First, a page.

Here’s a confession of mine: I’ve never really thought of myself as ‘good at math.’ Yep, I’m a high school math teacher proclaiming my discontent with my mathematical abilities. Ironic? Sad? Make you want to hide your children? Read on, it’s not as bad as you think.
Being a math teacher was a second career for me, as my undergraduate degree is in accounting. I dabbled in a minor in mathematics while at the University of Iowa but let a ‘C’ in Linear Algebra from a cold professor change my trajectory for the next 4 years. When I went to graduate school to earn my masters in Mathematics Education, I was always intimidated by the math undergrads who were much more polished and current on mathematical theory. Recently I came across this article which shed some light onto what often happens with girls in areas like mathematics. In short, women tend to give up on themselves more quickly because of their strong inner voice. I know that I was never discouraged from pursuing difficult challenges by my parents, especially academically. I came from a family that was very supportive of my education. It was my own inner-voice telling me that I wasn’t as good at pure mathematics, which was the lingering after effect of that C grade.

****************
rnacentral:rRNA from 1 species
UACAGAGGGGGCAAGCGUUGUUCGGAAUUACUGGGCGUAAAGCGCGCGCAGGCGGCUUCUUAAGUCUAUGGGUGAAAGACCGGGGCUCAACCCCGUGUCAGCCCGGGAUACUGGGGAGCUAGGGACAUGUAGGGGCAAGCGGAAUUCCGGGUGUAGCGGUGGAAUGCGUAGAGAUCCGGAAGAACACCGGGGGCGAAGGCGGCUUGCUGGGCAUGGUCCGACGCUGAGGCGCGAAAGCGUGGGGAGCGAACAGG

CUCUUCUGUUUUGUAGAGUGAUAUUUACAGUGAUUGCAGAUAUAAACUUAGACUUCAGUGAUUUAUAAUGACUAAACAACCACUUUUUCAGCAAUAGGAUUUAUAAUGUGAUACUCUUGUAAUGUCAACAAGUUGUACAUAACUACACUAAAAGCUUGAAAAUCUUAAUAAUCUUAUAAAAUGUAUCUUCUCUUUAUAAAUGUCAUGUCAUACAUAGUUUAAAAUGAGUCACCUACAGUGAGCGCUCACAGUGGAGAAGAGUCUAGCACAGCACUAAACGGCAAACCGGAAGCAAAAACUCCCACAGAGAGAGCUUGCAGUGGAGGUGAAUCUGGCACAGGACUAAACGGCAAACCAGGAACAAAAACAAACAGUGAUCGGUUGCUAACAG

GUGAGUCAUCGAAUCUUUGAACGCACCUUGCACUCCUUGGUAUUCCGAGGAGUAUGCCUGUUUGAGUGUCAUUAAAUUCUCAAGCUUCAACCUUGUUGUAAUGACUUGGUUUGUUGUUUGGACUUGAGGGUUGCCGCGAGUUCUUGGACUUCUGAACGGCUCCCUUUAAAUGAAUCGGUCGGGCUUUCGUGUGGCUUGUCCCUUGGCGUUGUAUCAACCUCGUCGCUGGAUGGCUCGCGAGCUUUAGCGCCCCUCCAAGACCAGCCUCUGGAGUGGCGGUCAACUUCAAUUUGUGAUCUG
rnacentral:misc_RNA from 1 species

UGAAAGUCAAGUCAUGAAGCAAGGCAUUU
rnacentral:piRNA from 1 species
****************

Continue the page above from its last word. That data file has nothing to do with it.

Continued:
Recently, Rafranz Davis wrote a blog post about the transformation of twitter admiration into palatable inspiration. This post was timely for me since as summer conference season reaches its peak, I’ll be attending Twitter Math Camp starting on Thursday with dozens of other math tweeps with whom I’ve admired and been inspired by. These positive interactions have projected me to a place where I’m comfortable with my mathematical abilities and completely humbled by my ability to participate with such a wonderful group of educators across social media.